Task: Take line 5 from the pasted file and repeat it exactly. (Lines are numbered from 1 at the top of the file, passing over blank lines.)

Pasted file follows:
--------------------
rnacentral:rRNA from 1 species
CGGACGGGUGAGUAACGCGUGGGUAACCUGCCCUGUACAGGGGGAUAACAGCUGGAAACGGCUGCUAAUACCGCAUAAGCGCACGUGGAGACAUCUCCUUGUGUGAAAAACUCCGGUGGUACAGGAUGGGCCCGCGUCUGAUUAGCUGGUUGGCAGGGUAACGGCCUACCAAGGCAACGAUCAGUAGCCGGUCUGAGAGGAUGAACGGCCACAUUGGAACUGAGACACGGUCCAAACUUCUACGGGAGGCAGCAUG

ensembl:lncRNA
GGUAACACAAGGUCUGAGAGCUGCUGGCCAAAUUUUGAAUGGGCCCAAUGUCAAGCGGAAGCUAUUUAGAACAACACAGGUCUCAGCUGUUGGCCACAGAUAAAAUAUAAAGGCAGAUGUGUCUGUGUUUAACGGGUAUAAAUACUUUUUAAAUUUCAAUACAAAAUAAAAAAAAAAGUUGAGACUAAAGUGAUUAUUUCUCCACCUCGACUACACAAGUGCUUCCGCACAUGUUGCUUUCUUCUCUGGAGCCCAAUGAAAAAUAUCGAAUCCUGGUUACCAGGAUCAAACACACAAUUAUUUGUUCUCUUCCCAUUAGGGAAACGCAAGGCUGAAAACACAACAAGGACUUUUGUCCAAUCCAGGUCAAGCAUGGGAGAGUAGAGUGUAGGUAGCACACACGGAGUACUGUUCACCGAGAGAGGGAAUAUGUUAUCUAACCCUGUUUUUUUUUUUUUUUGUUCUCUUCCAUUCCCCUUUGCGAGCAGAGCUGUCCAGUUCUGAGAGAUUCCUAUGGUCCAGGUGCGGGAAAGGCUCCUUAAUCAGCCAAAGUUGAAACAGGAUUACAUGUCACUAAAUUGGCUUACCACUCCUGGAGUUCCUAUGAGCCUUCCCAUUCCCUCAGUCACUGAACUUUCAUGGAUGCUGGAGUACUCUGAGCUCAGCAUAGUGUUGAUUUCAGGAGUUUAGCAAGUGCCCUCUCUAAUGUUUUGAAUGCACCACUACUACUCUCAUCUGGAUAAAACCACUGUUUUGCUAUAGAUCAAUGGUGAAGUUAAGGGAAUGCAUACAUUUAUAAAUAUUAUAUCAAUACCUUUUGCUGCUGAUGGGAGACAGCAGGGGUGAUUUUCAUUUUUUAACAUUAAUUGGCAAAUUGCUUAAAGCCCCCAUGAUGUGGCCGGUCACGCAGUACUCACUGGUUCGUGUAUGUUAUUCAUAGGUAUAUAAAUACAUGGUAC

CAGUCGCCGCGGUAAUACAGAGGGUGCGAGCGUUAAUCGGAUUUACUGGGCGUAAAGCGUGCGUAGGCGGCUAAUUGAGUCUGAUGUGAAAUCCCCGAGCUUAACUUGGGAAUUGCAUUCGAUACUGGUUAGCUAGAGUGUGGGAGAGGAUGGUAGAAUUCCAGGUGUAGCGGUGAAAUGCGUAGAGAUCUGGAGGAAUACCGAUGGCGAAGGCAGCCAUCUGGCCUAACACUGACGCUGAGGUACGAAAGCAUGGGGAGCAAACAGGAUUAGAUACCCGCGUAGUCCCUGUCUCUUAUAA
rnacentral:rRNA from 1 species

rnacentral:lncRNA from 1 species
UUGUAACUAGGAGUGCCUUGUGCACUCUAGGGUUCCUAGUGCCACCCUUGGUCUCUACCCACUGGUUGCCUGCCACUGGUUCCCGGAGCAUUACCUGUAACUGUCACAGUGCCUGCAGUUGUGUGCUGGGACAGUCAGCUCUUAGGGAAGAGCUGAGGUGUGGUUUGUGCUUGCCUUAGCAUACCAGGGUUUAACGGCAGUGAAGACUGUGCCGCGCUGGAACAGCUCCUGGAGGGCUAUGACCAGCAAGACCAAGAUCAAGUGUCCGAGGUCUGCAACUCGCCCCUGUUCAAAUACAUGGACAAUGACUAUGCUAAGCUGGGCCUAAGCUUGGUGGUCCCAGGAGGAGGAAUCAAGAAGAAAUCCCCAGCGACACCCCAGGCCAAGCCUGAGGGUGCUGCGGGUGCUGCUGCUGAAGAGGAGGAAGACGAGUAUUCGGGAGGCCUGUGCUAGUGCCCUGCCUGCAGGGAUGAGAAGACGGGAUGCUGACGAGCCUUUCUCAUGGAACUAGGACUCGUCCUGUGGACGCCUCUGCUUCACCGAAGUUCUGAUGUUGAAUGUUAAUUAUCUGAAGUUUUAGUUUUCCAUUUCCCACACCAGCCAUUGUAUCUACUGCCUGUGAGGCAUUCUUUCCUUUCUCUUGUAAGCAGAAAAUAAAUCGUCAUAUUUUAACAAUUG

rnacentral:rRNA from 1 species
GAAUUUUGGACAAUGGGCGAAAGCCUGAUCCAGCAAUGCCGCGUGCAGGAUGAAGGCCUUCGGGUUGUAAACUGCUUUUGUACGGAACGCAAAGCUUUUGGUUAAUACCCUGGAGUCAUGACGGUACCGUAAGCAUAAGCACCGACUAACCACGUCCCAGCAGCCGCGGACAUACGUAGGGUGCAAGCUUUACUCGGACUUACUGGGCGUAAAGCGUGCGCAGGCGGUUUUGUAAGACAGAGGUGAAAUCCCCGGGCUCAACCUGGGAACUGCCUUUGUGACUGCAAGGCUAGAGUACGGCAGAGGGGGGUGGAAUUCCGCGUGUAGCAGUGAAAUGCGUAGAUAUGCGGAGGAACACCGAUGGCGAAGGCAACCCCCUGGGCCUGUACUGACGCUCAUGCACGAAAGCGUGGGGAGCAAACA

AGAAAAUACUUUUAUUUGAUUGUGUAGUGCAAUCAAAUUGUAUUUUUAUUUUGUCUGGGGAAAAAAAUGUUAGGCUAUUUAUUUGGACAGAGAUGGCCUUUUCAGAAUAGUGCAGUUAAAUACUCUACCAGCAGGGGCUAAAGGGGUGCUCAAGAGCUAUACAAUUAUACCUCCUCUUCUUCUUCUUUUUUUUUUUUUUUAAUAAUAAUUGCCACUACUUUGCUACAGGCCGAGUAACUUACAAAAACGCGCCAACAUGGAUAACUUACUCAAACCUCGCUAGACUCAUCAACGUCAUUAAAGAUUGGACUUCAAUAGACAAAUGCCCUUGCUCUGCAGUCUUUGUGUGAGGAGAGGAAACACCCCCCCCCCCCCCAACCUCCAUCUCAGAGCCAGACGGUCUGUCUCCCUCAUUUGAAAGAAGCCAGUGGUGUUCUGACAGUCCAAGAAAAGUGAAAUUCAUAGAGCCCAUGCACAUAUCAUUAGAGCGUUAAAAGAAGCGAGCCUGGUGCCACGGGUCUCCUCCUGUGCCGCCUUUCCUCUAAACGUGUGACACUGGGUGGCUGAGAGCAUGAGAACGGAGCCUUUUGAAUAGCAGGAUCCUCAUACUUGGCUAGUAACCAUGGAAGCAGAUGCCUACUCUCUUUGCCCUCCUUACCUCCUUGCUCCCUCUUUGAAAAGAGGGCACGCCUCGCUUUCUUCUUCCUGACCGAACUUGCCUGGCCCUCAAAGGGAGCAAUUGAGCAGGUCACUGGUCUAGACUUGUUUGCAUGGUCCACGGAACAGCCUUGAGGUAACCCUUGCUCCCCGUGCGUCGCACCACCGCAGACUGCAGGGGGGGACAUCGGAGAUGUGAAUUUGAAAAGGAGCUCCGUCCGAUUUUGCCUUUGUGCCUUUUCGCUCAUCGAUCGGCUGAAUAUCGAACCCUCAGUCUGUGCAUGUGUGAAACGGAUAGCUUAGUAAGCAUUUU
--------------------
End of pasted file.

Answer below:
CAGUCGCCGCGGUAAUACAGAGGGUGCGAGCGUUAAUCGGAUUUACUGGGCGUAAAGCGUGCGUAGGCGGCUAAUUGAGUCUGAUGUGAAAUCCCCGAGCUUAACUUGGGAAUUGCAUUCGAUACUGGUUAGCUAGAGUGUGGGAGAGGAUGGUAGAAUUCCAGGUGUAGCGGUGAAAUGCGUAGAGAUCUGGAGGAAUACCGAUGGCGAAGGCAGCCAUCUGGCCUAACACUGACGCUGAGGUACGAAAGCAUGGGGAGCAAACAGGAUUAGAUACCCGCGUAGUCCCUGUCUCUUAUAA